Data privacy litigation and enforcement actions continue to roil the private sector, most recently with the FTC’s announcement of a $425 million settlement with Equifax in the wake of the Equifax data breach. Less discussed is the fact that data privacy and security remains a real threat in the public sector. As we recently reported, the 2019 Verizon Data Breach Investigations Report found that 16% of confirmed data breaches were in the public sector. Three recent developments highlight the breadth and scope of the threat, reflecting that federal agencies and government contractors remain vulnerable to cyberattacks and may be subject to liability for cybersecurity failures.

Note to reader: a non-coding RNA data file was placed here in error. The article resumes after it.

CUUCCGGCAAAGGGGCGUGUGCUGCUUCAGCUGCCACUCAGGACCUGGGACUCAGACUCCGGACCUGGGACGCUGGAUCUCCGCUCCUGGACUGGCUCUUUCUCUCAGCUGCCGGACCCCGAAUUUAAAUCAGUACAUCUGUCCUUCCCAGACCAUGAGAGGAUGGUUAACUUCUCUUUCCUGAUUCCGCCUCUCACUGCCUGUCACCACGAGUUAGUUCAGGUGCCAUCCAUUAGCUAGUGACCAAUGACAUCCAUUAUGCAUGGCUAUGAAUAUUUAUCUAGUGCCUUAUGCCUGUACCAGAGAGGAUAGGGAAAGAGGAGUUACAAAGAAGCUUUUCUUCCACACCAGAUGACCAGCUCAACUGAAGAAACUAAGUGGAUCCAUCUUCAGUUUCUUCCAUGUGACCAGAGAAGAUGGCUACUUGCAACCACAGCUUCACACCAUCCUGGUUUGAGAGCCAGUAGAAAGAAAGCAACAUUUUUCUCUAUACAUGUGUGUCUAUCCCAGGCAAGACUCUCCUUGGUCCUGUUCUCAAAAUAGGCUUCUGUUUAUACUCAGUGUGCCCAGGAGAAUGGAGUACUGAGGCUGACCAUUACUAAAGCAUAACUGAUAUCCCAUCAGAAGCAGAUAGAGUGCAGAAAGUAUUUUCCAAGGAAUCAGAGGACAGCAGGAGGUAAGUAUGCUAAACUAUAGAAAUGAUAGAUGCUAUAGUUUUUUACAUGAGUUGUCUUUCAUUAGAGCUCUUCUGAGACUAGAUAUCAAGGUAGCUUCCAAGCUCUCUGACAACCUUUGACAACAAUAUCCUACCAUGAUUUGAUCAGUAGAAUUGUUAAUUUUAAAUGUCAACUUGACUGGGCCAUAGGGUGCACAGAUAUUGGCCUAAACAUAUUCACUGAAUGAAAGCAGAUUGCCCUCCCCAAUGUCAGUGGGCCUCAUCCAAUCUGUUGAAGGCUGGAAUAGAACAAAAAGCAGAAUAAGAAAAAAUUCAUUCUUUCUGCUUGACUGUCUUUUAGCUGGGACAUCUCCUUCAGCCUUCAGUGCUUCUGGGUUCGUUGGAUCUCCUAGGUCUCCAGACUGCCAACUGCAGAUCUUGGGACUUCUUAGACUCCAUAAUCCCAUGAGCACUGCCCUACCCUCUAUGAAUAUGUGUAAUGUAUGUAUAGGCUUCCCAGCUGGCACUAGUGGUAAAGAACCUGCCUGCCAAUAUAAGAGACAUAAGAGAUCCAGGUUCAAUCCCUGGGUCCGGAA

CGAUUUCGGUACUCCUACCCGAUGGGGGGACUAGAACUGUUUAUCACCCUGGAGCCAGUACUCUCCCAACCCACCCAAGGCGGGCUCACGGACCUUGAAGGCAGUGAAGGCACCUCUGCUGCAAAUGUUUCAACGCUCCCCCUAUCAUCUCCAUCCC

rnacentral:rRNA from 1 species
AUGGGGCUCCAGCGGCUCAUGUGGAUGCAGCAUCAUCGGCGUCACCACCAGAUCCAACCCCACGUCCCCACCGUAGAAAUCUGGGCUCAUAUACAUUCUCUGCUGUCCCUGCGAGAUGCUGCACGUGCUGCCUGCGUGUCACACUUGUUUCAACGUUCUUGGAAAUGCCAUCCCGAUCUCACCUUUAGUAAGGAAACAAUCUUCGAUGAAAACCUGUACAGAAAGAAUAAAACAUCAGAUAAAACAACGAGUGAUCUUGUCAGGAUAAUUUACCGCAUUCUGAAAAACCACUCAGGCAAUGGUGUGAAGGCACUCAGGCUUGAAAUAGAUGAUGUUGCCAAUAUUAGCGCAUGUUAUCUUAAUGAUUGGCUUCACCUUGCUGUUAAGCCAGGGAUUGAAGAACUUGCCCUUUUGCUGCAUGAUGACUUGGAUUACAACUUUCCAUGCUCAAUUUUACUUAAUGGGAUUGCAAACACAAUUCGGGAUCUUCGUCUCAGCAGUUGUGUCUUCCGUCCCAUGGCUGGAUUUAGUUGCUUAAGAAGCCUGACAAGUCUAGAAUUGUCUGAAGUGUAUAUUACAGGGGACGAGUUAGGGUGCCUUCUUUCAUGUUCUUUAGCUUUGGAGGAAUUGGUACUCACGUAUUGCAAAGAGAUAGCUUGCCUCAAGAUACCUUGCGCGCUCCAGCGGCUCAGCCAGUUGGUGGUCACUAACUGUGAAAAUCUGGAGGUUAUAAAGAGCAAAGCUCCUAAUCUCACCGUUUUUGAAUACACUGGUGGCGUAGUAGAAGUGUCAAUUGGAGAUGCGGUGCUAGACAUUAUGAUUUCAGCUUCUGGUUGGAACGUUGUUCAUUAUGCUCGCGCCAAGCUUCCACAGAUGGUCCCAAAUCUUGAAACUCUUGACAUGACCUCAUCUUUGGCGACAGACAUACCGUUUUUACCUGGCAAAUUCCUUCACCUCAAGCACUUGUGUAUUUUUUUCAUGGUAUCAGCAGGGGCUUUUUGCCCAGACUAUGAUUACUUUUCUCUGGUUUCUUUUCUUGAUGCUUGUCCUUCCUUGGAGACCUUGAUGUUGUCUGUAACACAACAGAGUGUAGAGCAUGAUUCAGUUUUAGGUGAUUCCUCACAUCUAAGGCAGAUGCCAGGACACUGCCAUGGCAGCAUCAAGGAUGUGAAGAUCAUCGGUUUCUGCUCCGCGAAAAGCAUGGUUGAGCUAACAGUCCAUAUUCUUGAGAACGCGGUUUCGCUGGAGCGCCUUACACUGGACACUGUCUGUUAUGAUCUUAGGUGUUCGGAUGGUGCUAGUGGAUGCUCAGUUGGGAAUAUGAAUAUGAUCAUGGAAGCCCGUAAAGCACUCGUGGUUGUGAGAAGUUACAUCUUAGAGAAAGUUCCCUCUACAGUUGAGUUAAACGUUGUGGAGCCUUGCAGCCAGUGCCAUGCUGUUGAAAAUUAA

The OPM Data Breach Action